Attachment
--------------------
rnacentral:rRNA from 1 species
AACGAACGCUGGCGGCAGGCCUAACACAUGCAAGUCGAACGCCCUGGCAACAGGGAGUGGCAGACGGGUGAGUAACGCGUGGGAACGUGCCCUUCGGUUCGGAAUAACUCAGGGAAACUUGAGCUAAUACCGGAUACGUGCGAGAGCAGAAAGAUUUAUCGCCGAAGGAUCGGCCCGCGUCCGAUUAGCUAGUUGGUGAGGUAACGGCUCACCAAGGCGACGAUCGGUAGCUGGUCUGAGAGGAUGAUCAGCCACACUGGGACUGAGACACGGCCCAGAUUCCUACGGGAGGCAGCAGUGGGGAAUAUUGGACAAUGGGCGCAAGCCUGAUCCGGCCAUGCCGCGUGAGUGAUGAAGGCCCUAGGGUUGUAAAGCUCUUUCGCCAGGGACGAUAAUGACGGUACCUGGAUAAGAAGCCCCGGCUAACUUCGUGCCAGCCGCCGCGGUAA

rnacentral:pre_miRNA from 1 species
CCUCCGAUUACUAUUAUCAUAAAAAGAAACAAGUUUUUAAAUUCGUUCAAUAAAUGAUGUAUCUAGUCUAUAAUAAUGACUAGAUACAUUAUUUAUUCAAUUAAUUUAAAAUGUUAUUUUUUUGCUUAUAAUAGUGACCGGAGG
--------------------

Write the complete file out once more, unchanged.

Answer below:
rnacentral:rRNA from 1 species
AACGAACGCUGGCGGCAGGCCUAACACAUGCAAGUCGAACGCCCUGGCAACAGGGAGUGGCAGACGGGUGAGUAACGCGUGGGAACGUGCCCUUCGGUUCGGAAUAACUCAGGGAAACUUGAGCUAAUACCGGAUACGUGCGAGAGCAGAAAGAUUUAUCGCCGAAGGAUCGGCCCGCGUCCGAUUAGCUAGUUGGUGAGGUAACGGCUCACCAAGGCGACGAUCGGUAGCUGGUCUGAGAGGAUGAUCAGCCACACUGGGACUGAGACACGGCCCAGAUUCCUACGGGAGGCAGCAGUGGGGAAUAUUGGACAAUGGGCGCAAGCCUGAUCCGGCCAUGCCGCGUGAGUGAUGAAGGCCCUAGGGUUGUAAAGCUCUUUCGCCAGGGACGAUAAUGACGGUACCUGGAUAAGAAGCCCCGGCUAACUUCGUGCCAGCCGCCGCGGUAA

rnacentral:pre_miRNA from 1 species
CCUCCGAUUACUAUUAUCAUAAAAAGAAACAAGUUUUUAAAUUCGUUCAAUAAAUGAUGUAUCUAGUCUAUAAUAAUGACUAGAUACAUUAUUUAUUCAAUUAAUUUAAAAUGUUAUUUUUUUGCUUAUAAUAGUGACCGGAGG